The pound advanced for a fourth quarter versus the dollar, the longest winning streak in more than six years, before reports this week that analysts forecast will add to evidence the recovery is strengthening.
Gilts slid as data showed house prices in England and Wales rose in March for a 14th month even as a separate gauge revealed U.K. mortgage approvals fell to a four-month low in February. Further gains in sterling may be limited as the pound dropped against most of its 16 major peers this month. Bank of England policy maker Martin Weale said last week U.K. interest rates should increase if the economy continues to improve.
“The economic data suggest there’s further room for the pound to appreciate,” said Neil Jones, head of financial institutional sales at Mizuho Bank Ltd. in London. “Some people said sterling has already priced in a lot of news including possible rate hikes. I disagree. The Monetary Policy Committee is likely to be the first among major policy makers to raise rates and I don’t think the market has fully priced that in.”
The pound rose 0.3 percent against the dollar to $1.6680 at 4:25 p.m. London time, gaining 0.7 percent since the end of last year. The fourth quarterly advance is the longest since the period ended September 2007. The U.K. currency was little changed at 82.63 pence per euro, having strengthened 0.5 percent in the past three months, the third consecutive quarterly gain.
An index based on a survey of purchasing managers in the services industries was unchanged at 58.2 in March, according the median estimate of economists in a Bloomberg survey. The reading, due on April 3, has been above the 50 reading that divides contraction and expansion every month since January last year.
House prices in England and Wales rose 0.6 percent in March from the previous month, Hometrack Ltd. said today. Half of postal districts reported gains. Reports by Halifax and Nationwide Building Society later this week are also forecast to show house prices increased.
Futures traders increased their bets that the British pound will rise against the dollar to the highest since January last year, figures from the Washington-based Commodity Futures Trading Commission show.
The difference in the number of wagers by hedge funds and other large speculators on an advance in the pound compared with those on a drop -- so-called net longs -- was 29,724 on March 25, compared with net longs of 25,536 a week earlier. That’s the most since Jan. 4, 2013.
Sterling has risen 10 percent in the past year, the best performer among 10 developed-nation currencies tracked by Bloomberg Correlation-Weighted Indexes, as improved economic data spurred bets the Bank of England will increase interest rates from a record-low 0.5 percent sooner than it had planned. The euro gained 7.8 percent, while the dollar weakened 0.6 percent.
That rally was pared this month as Federal Reserve Chair Janet Yellen signaled on March 19 that U.S. officials may increase rates six months after they end the central bank’s stimulus program, boosting the relative appeal of the dollar.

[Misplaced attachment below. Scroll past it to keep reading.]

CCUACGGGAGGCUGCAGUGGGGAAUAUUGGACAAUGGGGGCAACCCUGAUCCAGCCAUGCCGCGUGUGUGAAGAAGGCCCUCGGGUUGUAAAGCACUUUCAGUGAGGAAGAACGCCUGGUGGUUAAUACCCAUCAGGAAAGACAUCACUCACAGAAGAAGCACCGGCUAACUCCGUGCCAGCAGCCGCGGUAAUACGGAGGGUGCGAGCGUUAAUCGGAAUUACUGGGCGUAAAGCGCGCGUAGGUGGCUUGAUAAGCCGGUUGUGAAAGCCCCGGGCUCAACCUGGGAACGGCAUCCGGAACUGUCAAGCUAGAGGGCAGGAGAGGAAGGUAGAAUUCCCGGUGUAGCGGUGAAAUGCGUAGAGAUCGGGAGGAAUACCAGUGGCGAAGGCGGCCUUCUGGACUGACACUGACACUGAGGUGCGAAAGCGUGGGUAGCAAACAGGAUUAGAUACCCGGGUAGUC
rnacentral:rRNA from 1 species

“As the economy recovers, the interest rate isn’t going to stay at half a percent indefinitely,” Weale was cited as saying in a Reading Post report last week. “While my best guess is any rises will be relatively gradual, the committee can’t give any guarantees about where interest rates will be.”
The pound looked increasingly vulnerable against the euro and dollar as the U.K. balance of payments deteriorated, wrote analysts at the Royal Bank of Scotland Group Plc. The bank predicted sterling will fall to $1.53 by the end of this year compared with the $1.63 median estimate of analysts surveyed by Bloomberg.
“While short-term capital flows on ‘MPC can tighten earlier than expected’ conviction can support sterling near term, the medium-term risks for the currency are undoubtedly growing,” RBS analysts, including London-based Paul Robson, wrote in an e-mailed note today. “Economic policy in the U.K. is driving a rapid deterioration in the current account deficit.”
The Debt Management Office said today it plans to hold 10 bond auctions and one sale of long-dated gilts (BRIT) via banks in the second quarter. The syndication, which will be for a gilt with maturity of 30 years or longer, is scheduled to take place in the second half of June.
The 10-year gilt yield rose two basis points, or 0.02 percentage point, to 2.74 percent, having fallen 29 basis points this quarter, the biggest drop since the three months through June 2012. The 2.25 percent bond due in September 2023 fell 0.12, or 1.20 pounds per 1,000-pound face amount, to 95.96.
The NYSE Liffe started trading of 30-year gilt futures today. The contract for June delivery dropped 0.4 percent to 108.24.
Gilts returned 2.3 percent this year through March 28, according to Bloomberg World Bond Indexes. Treasuries rose 1.7 percent and German securities gained 2.7 percent.
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